Here’s a relatively simple tip to see if a domain name is good: ask a third party that is not involved in the domain name business.
Several years ago before I was married, my wife and I spent quite a bit of time at her grandmother’s apartment. Her grandmother is very smart and as a former business / marketing professor, she understands domain names and their utility. She and I used to chat about domain names, including names I bought, names I was thinking about buying, and names she thought I should go after. When I mentioned a domain name that she didn’t like, it made me think twice about buying it.
It can be tough to ask colleagues in the domain space for their opinion about potential purchases. For one, everyone is competing on inventory. Sharing information about a domain name can offer more intel than a person would like to give up. In addition, domain investors might look at a domain name in a different way than someone who is out of the business. This is an attribute, but it can also be a detriment.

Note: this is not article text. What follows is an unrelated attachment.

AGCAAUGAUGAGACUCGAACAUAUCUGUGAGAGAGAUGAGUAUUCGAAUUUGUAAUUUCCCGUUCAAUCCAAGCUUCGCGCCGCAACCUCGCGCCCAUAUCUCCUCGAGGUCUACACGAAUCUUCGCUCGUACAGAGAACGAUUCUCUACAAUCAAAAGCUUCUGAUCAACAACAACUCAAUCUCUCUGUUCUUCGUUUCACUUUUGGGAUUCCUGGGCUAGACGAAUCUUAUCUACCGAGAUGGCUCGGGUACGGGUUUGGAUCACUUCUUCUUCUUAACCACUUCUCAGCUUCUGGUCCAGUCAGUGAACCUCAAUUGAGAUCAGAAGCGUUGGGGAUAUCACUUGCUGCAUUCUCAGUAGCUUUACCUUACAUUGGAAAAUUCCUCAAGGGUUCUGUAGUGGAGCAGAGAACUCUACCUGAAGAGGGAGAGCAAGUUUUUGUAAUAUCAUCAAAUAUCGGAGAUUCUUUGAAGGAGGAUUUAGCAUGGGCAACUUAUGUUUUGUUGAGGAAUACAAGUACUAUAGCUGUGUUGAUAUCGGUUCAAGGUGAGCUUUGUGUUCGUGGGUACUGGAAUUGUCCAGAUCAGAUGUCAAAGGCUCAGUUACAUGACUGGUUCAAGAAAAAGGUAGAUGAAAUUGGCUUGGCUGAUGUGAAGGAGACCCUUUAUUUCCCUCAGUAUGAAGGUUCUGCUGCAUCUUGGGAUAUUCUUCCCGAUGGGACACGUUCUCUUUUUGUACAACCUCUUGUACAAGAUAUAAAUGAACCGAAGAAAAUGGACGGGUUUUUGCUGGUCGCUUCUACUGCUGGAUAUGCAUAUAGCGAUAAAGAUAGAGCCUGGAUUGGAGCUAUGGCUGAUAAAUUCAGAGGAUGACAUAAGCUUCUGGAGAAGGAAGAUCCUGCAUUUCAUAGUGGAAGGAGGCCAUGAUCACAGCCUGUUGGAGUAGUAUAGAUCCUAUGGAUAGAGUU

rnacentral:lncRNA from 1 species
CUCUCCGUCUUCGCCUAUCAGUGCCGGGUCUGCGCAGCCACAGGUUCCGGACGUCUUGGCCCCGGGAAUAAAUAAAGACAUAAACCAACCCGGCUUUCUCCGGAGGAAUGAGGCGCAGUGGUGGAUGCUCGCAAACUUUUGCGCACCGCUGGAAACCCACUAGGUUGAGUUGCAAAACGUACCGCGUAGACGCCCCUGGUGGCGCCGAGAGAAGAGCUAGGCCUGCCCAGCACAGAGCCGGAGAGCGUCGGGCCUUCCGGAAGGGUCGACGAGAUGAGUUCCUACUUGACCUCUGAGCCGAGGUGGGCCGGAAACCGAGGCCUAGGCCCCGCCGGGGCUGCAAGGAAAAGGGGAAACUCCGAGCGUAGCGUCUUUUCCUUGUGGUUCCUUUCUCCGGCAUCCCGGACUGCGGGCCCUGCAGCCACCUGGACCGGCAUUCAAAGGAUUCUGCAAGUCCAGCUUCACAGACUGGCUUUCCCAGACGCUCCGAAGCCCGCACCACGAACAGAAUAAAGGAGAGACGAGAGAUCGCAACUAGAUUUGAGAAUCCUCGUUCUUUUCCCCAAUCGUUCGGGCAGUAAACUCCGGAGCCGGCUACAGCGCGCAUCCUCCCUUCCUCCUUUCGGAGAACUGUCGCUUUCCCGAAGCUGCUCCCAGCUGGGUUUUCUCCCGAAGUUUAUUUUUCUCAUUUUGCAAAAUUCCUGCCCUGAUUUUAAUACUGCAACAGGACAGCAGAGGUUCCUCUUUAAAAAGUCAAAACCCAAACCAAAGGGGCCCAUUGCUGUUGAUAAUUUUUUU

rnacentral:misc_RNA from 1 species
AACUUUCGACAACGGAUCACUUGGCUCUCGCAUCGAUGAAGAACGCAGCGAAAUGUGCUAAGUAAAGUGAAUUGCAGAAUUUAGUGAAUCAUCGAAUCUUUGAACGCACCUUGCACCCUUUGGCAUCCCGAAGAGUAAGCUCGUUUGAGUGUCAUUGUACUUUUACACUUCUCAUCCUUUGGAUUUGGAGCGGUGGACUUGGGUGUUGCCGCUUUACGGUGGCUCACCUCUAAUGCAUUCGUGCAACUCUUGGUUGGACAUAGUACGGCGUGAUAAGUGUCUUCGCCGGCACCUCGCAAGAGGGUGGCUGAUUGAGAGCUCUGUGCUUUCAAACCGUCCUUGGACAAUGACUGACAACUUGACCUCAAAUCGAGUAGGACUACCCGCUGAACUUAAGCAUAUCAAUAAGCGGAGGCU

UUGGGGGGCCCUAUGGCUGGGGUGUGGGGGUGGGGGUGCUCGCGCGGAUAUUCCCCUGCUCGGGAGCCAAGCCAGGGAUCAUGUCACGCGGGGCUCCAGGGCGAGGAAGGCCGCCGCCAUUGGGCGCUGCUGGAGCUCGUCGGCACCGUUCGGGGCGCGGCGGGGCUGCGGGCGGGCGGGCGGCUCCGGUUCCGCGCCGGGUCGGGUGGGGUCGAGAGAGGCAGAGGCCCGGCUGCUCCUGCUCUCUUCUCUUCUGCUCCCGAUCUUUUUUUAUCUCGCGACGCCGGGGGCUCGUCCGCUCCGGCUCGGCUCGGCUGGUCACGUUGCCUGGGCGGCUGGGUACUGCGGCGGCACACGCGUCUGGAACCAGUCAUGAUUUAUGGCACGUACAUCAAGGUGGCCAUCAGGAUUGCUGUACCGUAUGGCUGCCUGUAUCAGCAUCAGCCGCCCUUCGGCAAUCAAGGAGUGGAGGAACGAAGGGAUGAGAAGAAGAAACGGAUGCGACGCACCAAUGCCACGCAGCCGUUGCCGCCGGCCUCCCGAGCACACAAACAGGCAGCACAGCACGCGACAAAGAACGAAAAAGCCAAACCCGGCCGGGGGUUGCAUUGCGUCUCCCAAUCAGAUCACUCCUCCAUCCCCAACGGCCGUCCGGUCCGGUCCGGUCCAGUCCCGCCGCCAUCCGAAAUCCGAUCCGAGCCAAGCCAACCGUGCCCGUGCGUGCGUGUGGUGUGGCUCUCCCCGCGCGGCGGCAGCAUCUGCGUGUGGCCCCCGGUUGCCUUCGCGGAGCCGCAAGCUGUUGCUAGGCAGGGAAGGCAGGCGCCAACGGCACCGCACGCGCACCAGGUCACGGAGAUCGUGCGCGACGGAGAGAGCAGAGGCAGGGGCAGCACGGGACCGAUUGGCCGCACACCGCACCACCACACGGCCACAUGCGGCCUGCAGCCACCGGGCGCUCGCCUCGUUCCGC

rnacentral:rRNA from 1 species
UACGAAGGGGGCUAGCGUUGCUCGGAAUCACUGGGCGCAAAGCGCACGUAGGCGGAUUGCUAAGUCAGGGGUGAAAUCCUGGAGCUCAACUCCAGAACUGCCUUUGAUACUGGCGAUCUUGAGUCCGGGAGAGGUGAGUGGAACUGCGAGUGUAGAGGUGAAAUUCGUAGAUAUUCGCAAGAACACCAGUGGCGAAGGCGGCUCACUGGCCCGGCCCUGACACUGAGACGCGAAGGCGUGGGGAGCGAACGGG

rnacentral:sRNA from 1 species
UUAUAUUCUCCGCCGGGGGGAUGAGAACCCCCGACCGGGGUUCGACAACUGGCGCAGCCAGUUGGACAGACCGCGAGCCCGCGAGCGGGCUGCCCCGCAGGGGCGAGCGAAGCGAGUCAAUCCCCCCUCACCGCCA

I have a number of friends and family members I ask when I am thinking about buying an expensive domain name. They might not know much about a particular business or field, but I think their gut instinct about domain names can be helpful. They would be able to tell me that XYZ.com is better than X-Y-Z.com or that a word I think is common is not all that well known. They can also help with the radio test, suggesting that a domain name would be tough to spell or sound confusing.
Sometimes I spend days or weeks (or longer) analyzing an acquisition, and I might fall in love with a particular domain name. Getting a third party’s opinion can bring things back to center and get good feedback from someone who doesn’t have a vested interest.